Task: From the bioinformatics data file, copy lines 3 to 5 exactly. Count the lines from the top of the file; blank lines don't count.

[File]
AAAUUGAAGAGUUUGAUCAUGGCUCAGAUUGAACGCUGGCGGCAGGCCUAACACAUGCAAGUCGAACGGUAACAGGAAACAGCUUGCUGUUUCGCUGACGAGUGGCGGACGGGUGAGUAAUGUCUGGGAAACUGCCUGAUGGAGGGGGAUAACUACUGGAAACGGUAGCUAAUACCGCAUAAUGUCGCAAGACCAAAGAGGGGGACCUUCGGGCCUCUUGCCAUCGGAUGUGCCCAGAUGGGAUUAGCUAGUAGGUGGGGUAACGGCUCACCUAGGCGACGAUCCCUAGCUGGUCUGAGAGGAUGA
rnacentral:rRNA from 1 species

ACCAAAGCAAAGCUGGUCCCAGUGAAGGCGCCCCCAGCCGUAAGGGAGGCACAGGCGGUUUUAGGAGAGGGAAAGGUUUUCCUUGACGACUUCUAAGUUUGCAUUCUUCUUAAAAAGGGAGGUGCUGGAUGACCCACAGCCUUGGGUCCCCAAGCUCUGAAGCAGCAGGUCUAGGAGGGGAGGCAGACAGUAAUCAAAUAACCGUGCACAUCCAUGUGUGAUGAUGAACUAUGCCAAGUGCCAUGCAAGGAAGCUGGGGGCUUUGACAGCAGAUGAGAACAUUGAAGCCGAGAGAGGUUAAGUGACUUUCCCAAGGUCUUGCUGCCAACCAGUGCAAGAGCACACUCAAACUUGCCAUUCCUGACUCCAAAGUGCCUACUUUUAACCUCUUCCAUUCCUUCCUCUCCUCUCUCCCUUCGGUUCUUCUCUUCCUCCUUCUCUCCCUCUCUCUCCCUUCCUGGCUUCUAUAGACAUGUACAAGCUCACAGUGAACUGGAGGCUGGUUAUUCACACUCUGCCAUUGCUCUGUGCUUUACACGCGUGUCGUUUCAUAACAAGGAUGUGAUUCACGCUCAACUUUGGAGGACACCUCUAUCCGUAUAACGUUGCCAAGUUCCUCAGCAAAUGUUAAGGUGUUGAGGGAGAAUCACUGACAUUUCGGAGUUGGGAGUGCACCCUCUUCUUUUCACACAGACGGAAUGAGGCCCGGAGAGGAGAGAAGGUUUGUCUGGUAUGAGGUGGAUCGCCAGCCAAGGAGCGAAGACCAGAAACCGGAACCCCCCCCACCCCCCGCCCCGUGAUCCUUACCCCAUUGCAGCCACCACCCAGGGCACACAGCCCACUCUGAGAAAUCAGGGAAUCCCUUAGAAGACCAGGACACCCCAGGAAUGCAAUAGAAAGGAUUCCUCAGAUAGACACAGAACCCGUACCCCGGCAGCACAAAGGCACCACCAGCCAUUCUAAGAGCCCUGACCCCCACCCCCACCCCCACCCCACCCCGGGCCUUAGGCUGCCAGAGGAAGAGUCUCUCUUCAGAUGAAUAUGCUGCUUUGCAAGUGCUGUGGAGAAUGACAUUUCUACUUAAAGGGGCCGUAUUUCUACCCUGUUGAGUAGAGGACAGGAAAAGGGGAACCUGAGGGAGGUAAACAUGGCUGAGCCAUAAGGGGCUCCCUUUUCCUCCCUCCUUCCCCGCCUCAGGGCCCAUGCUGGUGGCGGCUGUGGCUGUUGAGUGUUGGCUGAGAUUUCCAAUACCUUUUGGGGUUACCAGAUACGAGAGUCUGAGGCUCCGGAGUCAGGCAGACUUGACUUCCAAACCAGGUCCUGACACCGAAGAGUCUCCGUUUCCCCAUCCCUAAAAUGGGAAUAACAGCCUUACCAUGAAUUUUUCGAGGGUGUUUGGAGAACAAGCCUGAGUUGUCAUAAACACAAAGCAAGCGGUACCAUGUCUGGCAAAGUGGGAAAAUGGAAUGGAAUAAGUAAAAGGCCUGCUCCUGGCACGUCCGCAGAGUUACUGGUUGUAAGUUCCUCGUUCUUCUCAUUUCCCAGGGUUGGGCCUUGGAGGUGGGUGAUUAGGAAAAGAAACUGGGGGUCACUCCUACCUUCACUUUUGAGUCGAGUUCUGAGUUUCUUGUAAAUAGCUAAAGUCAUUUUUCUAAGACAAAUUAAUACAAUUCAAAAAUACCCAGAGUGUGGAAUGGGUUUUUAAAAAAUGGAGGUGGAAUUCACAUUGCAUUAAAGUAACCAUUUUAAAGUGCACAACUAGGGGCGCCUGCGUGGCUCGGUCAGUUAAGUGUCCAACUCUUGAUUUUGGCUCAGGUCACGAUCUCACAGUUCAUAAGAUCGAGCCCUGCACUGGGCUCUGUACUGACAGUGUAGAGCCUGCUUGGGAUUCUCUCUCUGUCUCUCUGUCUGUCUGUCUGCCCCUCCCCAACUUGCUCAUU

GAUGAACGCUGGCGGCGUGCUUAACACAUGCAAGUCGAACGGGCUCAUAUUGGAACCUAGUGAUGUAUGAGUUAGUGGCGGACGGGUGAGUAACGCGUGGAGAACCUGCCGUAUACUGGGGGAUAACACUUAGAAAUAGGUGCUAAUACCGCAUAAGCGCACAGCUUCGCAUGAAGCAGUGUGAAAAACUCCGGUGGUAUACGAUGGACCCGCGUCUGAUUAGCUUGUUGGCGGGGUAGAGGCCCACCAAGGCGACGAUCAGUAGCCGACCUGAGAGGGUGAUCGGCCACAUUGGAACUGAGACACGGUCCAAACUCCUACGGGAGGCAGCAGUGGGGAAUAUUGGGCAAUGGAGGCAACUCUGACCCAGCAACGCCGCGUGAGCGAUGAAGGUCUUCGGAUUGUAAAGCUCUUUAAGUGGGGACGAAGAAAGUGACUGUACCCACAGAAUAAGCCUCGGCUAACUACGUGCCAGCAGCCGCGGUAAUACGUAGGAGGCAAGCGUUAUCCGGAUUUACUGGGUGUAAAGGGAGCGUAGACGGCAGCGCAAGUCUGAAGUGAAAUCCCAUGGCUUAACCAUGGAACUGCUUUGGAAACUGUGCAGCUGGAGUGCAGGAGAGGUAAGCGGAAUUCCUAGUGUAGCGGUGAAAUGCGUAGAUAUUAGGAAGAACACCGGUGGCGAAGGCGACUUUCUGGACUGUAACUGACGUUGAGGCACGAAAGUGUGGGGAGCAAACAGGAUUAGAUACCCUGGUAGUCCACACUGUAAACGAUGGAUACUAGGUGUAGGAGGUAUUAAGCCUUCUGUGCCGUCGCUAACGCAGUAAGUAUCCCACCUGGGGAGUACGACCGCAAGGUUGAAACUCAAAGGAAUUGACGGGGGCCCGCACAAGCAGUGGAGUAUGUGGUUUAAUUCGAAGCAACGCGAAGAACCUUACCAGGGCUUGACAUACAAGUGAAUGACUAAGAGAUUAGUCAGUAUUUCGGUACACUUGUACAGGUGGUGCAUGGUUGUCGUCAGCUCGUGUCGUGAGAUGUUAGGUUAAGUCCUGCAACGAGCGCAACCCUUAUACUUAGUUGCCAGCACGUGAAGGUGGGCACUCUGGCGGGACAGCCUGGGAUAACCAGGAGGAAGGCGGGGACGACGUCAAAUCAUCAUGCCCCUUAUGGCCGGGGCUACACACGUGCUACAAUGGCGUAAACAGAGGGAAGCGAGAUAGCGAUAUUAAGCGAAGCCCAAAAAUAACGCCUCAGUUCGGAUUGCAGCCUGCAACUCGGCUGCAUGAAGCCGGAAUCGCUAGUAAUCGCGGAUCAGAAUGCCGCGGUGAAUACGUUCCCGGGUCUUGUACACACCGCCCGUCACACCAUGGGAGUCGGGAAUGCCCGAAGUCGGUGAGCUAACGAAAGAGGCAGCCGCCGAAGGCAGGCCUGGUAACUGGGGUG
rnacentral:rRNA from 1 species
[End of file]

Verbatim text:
ACCAAAGCAAAGCUGGUCCCAGUGAAGGCGCCCCCAGCCGUAAGGGAGGCACAGGCGGUUUUAGGAGAGGGAAAGGUUUUCCUUGACGACUUCUAAGUUUGCAUUCUUCUUAAAAAGGGAGGUGCUGGAUGACCCACAGCCUUGGGUCCCCAAGCUCUGAAGCAGCAGGUCUAGGAGGGGAGGCAGACAGUAAUCAAAUAACCGUGCACAUCCAUGUGUGAUGAUGAACUAUGCCAAGUGCCAUGCAAGGAAGCUGGGGGCUUUGACAGCAGAUGAGAACAUUGAAGCCGAGAGAGGUUAAGUGACUUUCCCAAGGUCUUGCUGCCAACCAGUGCAAGAGCACACUCAAACUUGCCAUUCCUGACUCCAAAGUGCCUACUUUUAACCUCUUCCAUUCCUUCCUCUCCUCUCUCCCUUCGGUUCUUCUCUUCCUCCUUCUCUCCCUCUCUCUCCCUUCCUGGCUUCUAUAGACAUGUACAAGCUCACAGUGAACUGGAGGCUGGUUAUUCACACUCUGCCAUUGCUCUGUGCUUUACACGCGUGUCGUUUCAUAACAAGGAUGUGAUUCACGCUCAACUUUGGAGGACACCUCUAUCCGUAUAACGUUGCCAAGUUCCUCAGCAAAUGUUAAGGUGUUGAGGGAGAAUCACUGACAUUUCGGAGUUGGGAGUGCACCCUCUUCUUUUCACACAGACGGAAUGAGGCCCGGAGAGGAGAGAAGGUUUGUCUGGUAUGAGGUGGAUCGCCAGCCAAGGAGCGAAGACCAGAAACCGGAACCCCCCCCACCCCCCGCCCCGUGAUCCUUACCCCAUUGCAGCCACCACCCAGGGCACACAGCCCACUCUGAGAAAUCAGGGAAUCCCUUAGAAGACCAGGACACCCCAGGAAUGCAAUAGAAAGGAUUCCUCAGAUAGACACAGAACCCGUACCCCGGCAGCACAAAGGCACCACCAGCCAUUCUAAGAGCCCUGACCCCCACCCCCACCCCCACCCCACCCCGGGCCUUAGGCUGCCAGAGGAAGAGUCUCUCUUCAGAUGAAUAUGCUGCUUUGCAAGUGCUGUGGAGAAUGACAUUUCUACUUAAAGGGGCCGUAUUUCUACCCUGUUGAGUAGAGGACAGGAAAAGGGGAACCUGAGGGAGGUAAACAUGGCUGAGCCAUAAGGGGCUCCCUUUUCCUCCCUCCUUCCCCGCCUCAGGGCCCAUGCUGGUGGCGGCUGUGGCUGUUGAGUGUUGGCUGAGAUUUCCAAUACCUUUUGGGGUUACCAGAUACGAGAGUCUGAGGCUCCGGAGUCAGGCAGACUUGACUUCCAAACCAGGUCCUGACACCGAAGAGUCUCCGUUUCCCCAUCCCUAAAAUGGGAAUAACAGCCUUACCAUGAAUUUUUCGAGGGUGUUUGGAGAACAAGCCUGAGUUGUCAUAAACACAAAGCAAGCGGUACCAUGUCUGGCAAAGUGGGAAAAUGGAAUGGAAUAAGUAAAAGGCCUGCUCCUGGCACGUCCGCAGAGUUACUGGUUGUAAGUUCCUCGUUCUUCUCAUUUCCCAGGGUUGGGCCUUGGAGGUGGGUGAUUAGGAAAAGAAACUGGGGGUCACUCCUACCUUCACUUUUGAGUCGAGUUCUGAGUUUCUUGUAAAUAGCUAAAGUCAUUUUUCUAAGACAAAUUAAUACAAUUCAAAAAUACCCAGAGUGUGGAAUGGGUUUUUAAAAAAUGGAGGUGGAAUUCACAUUGCAUUAAAGUAACCAUUUUAAAGUGCACAACUAGGGGCGCCUGCGUGGCUCGGUCAGUUAAGUGUCCAACUCUUGAUUUUGGCUCAGGUCACGAUCUCACAGUUCAUAAGAUCGAGCCCUGCACUGGGCUCUGUACUGACAGUGUAGAGCCUGCUUGGGAUUCUCUCUCUGUCUCUCUGUCUGUCUGUCUGCCCCUCCCCAACUUGCUCAUU

GAUGAACGCUGGCGGCGUGCUUAACACAUGCAAGUCGAACGGGCUCAUAUUGGAACCUAGUGAUGUAUGAGUUAGUGGCGGACGGGUGAGUAACGCGUGGAGAACCUGCCGUAUACUGGGGGAUAACACUUAGAAAUAGGUGCUAAUACCGCAUAAGCGCACAGCUUCGCAUGAAGCAGUGUGAAAAACUCCGGUGGUAUACGAUGGACCCGCGUCUGAUUAGCUUGUUGGCGGGGUAGAGGCCCACCAAGGCGACGAUCAGUAGCCGACCUGAGAGGGUGAUCGGCCACAUUGGAACUGAGACACGGUCCAAACUCCUACGGGAGGCAGCAGUGGGGAAUAUUGGGCAAUGGAGGCAACUCUGACCCAGCAACGCCGCGUGAGCGAUGAAGGUCUUCGGAUUGUAAAGCUCUUUAAGUGGGGACGAAGAAAGUGACUGUACCCACAGAAUAAGCCUCGGCUAACUACGUGCCAGCAGCCGCGGUAAUACGUAGGAGGCAAGCGUUAUCCGGAUUUACUGGGUGUAAAGGGAGCGUAGACGGCAGCGCAAGUCUGAAGUGAAAUCCCAUGGCUUAACCAUGGAACUGCUUUGGAAACUGUGCAGCUGGAGUGCAGGAGAGGUAAGCGGAAUUCCUAGUGUAGCGGUGAAAUGCGUAGAUAUUAGGAAGAACACCGGUGGCGAAGGCGACUUUCUGGACUGUAACUGACGUUGAGGCACGAAAGUGUGGGGAGCAAACAGGAUUAGAUACCCUGGUAGUCCACACUGUAAACGAUGGAUACUAGGUGUAGGAGGUAUUAAGCCUUCUGUGCCGUCGCUAACGCAGUAAGUAUCCCACCUGGGGAGUACGACCGCAAGGUUGAAACUCAAAGGAAUUGACGGGGGCCCGCACAAGCAGUGGAGUAUGUGGUUUAAUUCGAAGCAACGCGAAGAACCUUACCAGGGCUUGACAUACAAGUGAAUGACUAAGAGAUUAGUCAGUAUUUCGGUACACUUGUACAGGUGGUGCAUGGUUGUCGUCAGCUCGUGUCGUGAGAUGUUAGGUUAAGUCCUGCAACGAGCGCAACCCUUAUACUUAGUUGCCAGCACGUGAAGGUGGGCACUCUGGCGGGACAGCCUGGGAUAACCAGGAGGAAGGCGGGGACGACGUCAAAUCAUCAUGCCCCUUAUGGCCGGGGCUACACACGUGCUACAAUGGCGUAAACAGAGGGAAGCGAGAUAGCGAUAUUAAGCGAAGCCCAAAAAUAACGCCUCAGUUCGGAUUGCAGCCUGCAACUCGGCUGCAUGAAGCCGGAAUCGCUAGUAAUCGCGGAUCAGAAUGCCGCGGUGAAUACGUUCCCGGGUCUUGUACACACCGCCCGUCACACCAUGGGAGUCGGGAAUGCCCGAAGUCGGUGAGCUAACGAAAGAGGCAGCCGCCGAAGGCAGGCCUGGUAACUGGGGUG
rnacentral:rRNA from 1 species